Ambrose: Bridge collapse shows structural failures of stimulus

By Jay Ambrose, Columbian Syndicated Columnist

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An 18-wheeler truck with contents reaching too high recently slammed into an overhead crossbeam on a bridge crossing the Skagit River in Washington state.

The structure and two cars went splashing down, killing no one but leading to screams that we should immediately spend billions more on bridge safety.

I guess everyone forgot that President Barack Obama took care of the problem with his stimulus package passed in 2009.

Or maybe it was just rhetoric.

He had made it sound like an infrastructure paradise was on the way, and you could imagine him lost in a dream in which panting historians would at some distant point look up old videos and marvel over the enunciated vision. He had, after all, promised a national investment as large as any since President Dwight Eisenhower's historic building of the interstate highway system in the 1950s, an era when something of that kind was crucial.

Sorry, but no cigar. It would have taken something more than half of the $831 billion stimulus to equal the final, inflation-adjusted cost of the Ike undertaking, not the Associated Press's recent estimate of what was actually spent: $27 billion for highway projects, of which $3 billion was for bridges.

And although it has apparently been forgotten by liberals blaming any and all infrastructure shortcomings on deficit-fearing Republicans, Obama did not have to deal with the GOP. Democrats controlled both the Senate and House in those days, meaning this was a family affair, so to speak.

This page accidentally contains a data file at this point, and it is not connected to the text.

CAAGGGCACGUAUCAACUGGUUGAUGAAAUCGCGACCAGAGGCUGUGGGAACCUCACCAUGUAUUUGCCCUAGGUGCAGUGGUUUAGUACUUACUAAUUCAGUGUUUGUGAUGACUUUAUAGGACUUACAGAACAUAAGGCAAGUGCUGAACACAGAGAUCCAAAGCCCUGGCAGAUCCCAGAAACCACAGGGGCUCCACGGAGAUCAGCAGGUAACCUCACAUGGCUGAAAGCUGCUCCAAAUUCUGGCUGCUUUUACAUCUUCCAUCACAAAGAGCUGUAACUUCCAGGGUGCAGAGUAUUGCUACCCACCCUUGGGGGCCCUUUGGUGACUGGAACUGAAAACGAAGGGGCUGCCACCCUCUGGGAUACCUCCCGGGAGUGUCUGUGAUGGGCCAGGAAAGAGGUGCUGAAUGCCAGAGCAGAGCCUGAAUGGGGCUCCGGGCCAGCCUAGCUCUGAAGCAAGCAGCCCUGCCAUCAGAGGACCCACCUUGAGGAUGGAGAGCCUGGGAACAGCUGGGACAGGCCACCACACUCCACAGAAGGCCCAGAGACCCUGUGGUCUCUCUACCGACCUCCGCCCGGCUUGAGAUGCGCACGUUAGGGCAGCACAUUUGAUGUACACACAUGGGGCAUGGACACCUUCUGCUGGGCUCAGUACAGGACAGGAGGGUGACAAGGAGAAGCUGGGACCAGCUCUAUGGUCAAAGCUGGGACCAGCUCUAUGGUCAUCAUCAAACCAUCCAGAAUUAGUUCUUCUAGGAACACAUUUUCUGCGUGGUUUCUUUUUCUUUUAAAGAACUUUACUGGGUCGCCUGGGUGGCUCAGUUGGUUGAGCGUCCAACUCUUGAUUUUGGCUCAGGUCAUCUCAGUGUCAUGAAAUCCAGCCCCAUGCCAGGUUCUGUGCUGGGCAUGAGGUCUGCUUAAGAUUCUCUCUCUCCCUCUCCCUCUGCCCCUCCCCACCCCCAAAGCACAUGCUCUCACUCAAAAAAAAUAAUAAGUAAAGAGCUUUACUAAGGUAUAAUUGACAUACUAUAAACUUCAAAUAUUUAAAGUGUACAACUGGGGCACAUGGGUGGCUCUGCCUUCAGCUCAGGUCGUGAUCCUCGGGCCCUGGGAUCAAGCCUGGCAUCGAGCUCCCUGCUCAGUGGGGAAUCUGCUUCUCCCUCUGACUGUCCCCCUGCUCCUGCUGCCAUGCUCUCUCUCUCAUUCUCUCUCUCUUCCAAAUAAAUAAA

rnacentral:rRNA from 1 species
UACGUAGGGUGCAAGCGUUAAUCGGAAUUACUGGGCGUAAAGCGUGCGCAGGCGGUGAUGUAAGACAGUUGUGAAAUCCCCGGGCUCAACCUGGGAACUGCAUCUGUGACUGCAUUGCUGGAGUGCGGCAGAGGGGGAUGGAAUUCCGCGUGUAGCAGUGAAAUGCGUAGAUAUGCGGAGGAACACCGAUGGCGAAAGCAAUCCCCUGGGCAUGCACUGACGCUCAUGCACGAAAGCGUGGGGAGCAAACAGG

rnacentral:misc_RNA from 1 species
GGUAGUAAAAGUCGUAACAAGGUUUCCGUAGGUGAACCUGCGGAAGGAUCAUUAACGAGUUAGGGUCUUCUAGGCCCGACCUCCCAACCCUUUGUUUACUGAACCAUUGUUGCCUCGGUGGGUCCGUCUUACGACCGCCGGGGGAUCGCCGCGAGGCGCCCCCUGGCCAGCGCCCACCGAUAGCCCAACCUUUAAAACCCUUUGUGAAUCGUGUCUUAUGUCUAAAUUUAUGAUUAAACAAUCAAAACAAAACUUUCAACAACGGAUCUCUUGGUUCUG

After the program got rolling, AP did an analysis of the 2,476 bridges that were beneficiaries of stimulus funds and found that nearly half of them were plenty safe, even though tens of thousands of potentially risky ones were not getting a dime. The thing was, the states overseeing the projects wanted to spend the money immediately to get the economy rolling along and it could take longer to start work on some of the less-sound bridges, they said.

An administration official smiled and said fine, and you might figure that made lots of sense — except that there was a bunch of other stuff in the stimulus that would not get immediate attention, either, some of it downright silly, some of it outlandish pork. Don't forget Obama's cherished plans for high-speed rail ventures were far less shovel-ready than these bridges of which we speak.

Obama at it again

In his State of the Union speech this year, Obama was at it again, this time asking for $50 billion to fix something like 67,000 structurally deficient bridges, perhaps making up for what previously did not get done. But there are all kinds of problems with that, too.

One is that the issue goes beyond structurally deficient bridges; that was not the problem in the Skagit River collapse. Another is that we had a sequester cutting instead of increasing the budget. The method of those cuts was indefensible, but we really, truly do have to watch the spending, especially after that stimulus and the add-on stimulus measures that followed, taking the final price between $1 trillion and $1.7 trillion, based on a Washington Post writer's estimate.

Still another issue is that the federal gas tax is not producing enough funds because of the economic slowdown and because of more cars that consume less gas per mile. Yet another is that the government is forever diverting infrastructure money to mass transit and other projects that don't deal with the real problems.

Check in with some of the libertarian and conservative analysts out there, and you'll learn that some of our bridge troubles have been getting better over the past decades. You will find discussion of tolls, of private-public partnerships, of more reliance on local government, and you will be reminded that prudent, responsible, disciplined government has a huge advantage over the kind that sees few limits.

It works.